Where are you located? Dark skies are essential to make this work well. If you can see the Milky Way, you should be well on your way with the advice above. We used to have dark skies in my back yard, but no longer. Some call it progress. I call it a new auto dealership down the road. So I am left with Moon and Planet shots.

    If you are really keen, you can invest in a clock drive as well.

    Jack Roberts
    "Discovery consists in seeing what everyone else has seen and thinking what nobody else has thought"--Albert Szent-Gyorgy
  • autofocusautofocus Posts: 625Member
    For a no moon, dark night I start at ISO 3200, 10 sec, widest aperture, noise reduction Normal, D lighting OFF, with both the D800 and D4. I'll adjust exposure time to add ambient light or lower ISO to reduce ambient light. I also set WB to Kelvin 3300 and work from there to get the color temp I like. I have so much light pollution in my area that if I use Auto WB the sky turns orange. I take a shot, check, adjust, and keep working towards the exposure and color I want. I also import to PS ACR and will start processing by hitting the auto function and then adjust to taste before moving into PS. It's just trial and error for me.
  • JK1231JK1231 Posts: 24Member
    I went out last night and found a new dark spot -- best I've found so far, but lousy horizon view and still a lot more light pollution than I think reasonable.

    Well, I found my major problem -- not covering my view finder. When I did that, most of my problems went away. However, I'm not sure I understand why it was even a problem to begin with: If I am manually setting ISO, aperture, and shutter speed, why does the view finder light leak make any difference? I don't understand!

    I still have a well-lit horizon -- that's orange -- so the next time out I'm going to try the above advice and set WB to 3300. Lowering ISO to 3200 helped some with the horizon, but also made a noticeable difference with the number of stars included in the same exposure -- not sure whether lower ISO is help or hindrance.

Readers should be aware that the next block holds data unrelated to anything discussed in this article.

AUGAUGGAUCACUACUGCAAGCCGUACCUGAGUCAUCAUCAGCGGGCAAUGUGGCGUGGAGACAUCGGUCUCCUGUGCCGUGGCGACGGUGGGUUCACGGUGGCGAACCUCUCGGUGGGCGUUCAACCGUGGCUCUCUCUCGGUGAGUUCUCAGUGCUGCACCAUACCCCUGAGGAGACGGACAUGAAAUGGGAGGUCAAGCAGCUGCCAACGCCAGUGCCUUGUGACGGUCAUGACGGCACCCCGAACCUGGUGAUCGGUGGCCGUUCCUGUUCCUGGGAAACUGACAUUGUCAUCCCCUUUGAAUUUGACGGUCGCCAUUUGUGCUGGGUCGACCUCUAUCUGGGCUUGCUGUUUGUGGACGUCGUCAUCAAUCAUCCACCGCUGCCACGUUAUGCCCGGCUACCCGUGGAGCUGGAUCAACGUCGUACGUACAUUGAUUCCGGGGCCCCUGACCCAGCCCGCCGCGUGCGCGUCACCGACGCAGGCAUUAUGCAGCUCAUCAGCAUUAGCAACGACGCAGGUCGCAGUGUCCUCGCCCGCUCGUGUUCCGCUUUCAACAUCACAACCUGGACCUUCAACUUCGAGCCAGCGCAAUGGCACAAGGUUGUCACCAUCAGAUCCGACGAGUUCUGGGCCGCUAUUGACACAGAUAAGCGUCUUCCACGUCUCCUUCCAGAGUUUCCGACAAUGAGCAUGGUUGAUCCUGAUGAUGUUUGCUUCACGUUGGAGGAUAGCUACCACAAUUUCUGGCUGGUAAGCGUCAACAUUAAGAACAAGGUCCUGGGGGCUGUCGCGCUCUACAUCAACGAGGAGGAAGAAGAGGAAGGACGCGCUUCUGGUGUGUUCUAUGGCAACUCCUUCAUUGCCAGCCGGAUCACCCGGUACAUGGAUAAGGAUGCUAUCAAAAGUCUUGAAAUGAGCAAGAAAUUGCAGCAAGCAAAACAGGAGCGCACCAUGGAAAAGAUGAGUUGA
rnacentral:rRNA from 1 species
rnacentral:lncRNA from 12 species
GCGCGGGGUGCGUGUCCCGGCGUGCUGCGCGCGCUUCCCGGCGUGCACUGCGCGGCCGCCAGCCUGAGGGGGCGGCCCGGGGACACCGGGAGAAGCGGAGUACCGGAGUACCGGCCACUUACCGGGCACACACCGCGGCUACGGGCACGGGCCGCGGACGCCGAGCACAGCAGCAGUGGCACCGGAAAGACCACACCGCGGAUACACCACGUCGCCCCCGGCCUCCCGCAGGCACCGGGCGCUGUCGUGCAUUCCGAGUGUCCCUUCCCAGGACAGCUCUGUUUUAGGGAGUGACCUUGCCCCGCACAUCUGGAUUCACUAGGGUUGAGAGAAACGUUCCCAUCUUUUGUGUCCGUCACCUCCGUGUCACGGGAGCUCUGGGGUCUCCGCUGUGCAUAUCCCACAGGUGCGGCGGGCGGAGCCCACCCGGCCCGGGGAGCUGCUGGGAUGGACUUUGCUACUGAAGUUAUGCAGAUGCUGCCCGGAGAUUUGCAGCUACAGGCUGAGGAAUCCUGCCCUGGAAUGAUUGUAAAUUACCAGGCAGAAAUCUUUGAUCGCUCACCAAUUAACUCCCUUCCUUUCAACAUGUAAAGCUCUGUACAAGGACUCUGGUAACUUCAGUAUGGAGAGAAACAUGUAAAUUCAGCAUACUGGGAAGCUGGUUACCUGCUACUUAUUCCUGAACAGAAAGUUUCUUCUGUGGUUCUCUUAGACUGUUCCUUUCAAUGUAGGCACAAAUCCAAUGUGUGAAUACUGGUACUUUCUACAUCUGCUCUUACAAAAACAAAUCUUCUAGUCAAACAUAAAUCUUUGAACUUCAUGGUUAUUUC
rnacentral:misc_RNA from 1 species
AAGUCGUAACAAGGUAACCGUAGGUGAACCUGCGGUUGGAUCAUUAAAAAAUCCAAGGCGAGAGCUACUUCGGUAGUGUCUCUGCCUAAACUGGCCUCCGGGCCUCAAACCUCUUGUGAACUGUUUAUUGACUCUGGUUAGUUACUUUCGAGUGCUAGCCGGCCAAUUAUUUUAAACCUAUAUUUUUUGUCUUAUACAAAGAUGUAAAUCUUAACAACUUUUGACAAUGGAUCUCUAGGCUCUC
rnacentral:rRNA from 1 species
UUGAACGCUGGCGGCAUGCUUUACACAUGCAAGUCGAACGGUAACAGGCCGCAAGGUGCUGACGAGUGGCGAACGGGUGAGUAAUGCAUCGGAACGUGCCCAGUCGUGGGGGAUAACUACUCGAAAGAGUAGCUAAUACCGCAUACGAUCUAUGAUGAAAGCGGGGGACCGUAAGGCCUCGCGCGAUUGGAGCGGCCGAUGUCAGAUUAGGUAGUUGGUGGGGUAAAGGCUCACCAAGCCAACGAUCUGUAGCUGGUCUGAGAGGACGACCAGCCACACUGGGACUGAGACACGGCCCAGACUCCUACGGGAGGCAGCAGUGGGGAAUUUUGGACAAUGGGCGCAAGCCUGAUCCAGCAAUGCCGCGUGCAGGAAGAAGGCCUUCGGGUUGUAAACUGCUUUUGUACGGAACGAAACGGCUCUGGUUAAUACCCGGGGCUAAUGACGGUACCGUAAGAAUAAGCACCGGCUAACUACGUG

Now that I have some decent star shots, I see a new issue: not sharp focus. Both the lens I use will focus past infinity, and I had focused the best I could through the view finder -- and focus indication on the lens showed it split the infinity symbol -- so what's the best means to sharpen my focus?

    And that leads to a more general question: Why do the lens have the ability to 'focus past infinity'? What would be the focal point when the focus setting was moved past infinity?

    Thanks all for your help! It's been very useful!

  • SymphoticSymphotic Posts: 711Member
    I have that problem with focus myself. My solution is to focus on a bright star or planet first before moving to the part of the sky you want to photograph. I also use a magnifying right angle viewer. I find live view doesn't work as well as focusing using the viewfinder.

    Jack Roberts
    "Discovery consists in seeing what everyone else has seen and thinking what nobody else has thought"--Albert Szent-Gyorgy
  • YetibuddhaYetibuddha Posts: 388Member
    I think night photography is really neat JK. But takes some work to produce good images. The recommendations above are all within my experience. Not sure why when you reduce ISO below 3200 why you are still not getting lots of stars. I shoot with a D800 and 20mm F.8 and get very good results. Perhaps your sky is not as dark as you think. In terms of focusing, I set focus before the sky gets dark and avoid touching the lens during set up.

    Also, try a series, a couple of hundred if possible, short, about 20sec or so exposures consequetively and use startrails.exe to put them together at least as a start, to produce nice start trails. Have a good object in the foreground to enhance interest.

    Have fun.
  • autofocusautofocus Posts: 625Member
    Ok, this may sound crazy but I focus by setting the lens to infinity, take a shot with something in the distant foreground and check image. If it's not in focus I'll bump the ring incrementally until I reach a focus I'm happy with. After doing this so many times I now have a mental mark for each lens and can set it pretty close for the first shot. I also find each lens / camera combo has a different setting. I never wind up dead on the infinity bumper. If I'm going to be out for a long period of time I'll use gaffer's tape to lock the ring. Helps out when I'm going to be moving the camera around for different compositions.